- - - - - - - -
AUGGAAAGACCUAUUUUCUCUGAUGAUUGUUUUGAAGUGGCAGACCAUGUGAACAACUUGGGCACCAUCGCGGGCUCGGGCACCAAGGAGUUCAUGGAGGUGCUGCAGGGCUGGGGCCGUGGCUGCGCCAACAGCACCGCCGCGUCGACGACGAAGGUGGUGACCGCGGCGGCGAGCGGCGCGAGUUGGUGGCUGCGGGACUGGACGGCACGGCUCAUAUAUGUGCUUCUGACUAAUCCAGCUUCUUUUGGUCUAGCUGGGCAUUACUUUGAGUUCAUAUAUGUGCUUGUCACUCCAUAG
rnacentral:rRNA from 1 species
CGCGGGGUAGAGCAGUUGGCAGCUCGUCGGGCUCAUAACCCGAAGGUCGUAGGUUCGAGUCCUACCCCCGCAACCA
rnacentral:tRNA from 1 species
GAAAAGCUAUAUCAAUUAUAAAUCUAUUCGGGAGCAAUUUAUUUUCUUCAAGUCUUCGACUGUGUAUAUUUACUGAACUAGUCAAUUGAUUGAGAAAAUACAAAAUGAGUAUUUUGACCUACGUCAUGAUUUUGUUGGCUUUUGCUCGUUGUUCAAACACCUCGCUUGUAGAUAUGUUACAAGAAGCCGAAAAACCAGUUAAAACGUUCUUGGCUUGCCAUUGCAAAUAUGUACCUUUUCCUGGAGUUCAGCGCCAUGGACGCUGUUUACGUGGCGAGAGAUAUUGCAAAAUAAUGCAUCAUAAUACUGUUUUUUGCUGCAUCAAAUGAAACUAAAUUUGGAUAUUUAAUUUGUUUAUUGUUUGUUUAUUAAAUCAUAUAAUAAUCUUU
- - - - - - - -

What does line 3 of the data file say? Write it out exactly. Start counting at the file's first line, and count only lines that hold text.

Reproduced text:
CGCGGGGUAGAGCAGUUGGCAGCUCGUCGGGCUCAUAACCCGAAGGUCGUAGGUUCGAGUCCUACCCCCGCAACCA